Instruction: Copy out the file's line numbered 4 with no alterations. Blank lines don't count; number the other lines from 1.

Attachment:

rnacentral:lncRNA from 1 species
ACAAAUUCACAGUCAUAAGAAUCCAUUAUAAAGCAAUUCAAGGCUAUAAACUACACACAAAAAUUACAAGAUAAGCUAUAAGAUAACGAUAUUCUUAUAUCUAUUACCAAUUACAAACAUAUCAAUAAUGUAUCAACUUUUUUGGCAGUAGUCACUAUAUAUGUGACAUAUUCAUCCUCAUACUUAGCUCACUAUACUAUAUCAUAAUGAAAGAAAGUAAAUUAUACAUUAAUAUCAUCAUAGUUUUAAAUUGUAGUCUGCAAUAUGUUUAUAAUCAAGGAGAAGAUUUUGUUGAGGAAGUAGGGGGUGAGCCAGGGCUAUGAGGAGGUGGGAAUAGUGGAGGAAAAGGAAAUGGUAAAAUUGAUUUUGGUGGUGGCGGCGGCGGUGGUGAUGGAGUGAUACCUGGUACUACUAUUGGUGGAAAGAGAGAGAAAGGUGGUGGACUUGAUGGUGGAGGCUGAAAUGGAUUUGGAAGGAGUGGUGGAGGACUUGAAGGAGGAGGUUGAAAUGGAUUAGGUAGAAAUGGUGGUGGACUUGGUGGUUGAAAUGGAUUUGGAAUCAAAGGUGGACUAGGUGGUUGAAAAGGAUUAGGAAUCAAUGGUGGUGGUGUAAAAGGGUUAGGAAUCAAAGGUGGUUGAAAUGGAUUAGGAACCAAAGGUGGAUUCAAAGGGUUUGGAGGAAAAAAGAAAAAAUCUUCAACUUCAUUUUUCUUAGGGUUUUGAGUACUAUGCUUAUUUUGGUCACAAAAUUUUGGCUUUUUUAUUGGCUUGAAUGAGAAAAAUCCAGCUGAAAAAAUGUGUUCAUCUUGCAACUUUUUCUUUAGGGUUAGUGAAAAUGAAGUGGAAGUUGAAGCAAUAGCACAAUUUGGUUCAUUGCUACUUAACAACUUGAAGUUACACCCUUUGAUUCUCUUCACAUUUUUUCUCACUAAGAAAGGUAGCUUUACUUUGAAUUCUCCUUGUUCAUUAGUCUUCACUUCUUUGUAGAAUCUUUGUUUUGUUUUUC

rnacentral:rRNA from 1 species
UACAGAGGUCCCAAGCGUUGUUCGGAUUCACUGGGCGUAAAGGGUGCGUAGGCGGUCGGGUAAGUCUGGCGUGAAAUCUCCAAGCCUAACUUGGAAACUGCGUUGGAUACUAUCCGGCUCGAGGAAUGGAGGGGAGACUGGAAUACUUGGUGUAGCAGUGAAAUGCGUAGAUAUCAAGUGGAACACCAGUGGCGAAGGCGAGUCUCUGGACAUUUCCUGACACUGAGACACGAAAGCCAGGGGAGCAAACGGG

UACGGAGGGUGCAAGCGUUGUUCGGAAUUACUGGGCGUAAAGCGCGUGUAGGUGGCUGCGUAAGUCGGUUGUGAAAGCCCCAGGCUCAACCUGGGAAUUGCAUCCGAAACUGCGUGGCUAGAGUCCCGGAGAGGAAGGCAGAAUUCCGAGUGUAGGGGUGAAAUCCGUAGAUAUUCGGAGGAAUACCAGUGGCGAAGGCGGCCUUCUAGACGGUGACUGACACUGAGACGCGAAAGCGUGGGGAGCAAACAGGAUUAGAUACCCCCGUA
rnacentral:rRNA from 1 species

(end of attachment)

UACAGAGGUCCCAAGCGUUGUUCGGAUUCACUGGGCGUAAAGGGUGCGUAGGCGGUCGGGUAAGUCUGGCGUGAAAUCUCCAAGCCUAACUUGGAAACUGCGUUGGAUACUAUCCGGCUCGAGGAAUGGAGGGGAGACUGGAAUACUUGGUGUAGCAGUGAAAUGCGUAGAUAUCAAGUGGAACACCAGUGGCGAAGGCGAGUCUCUGGACAUUUCCUGACACUGAGACACGAAAGCCAGGGGAGCAAACGGG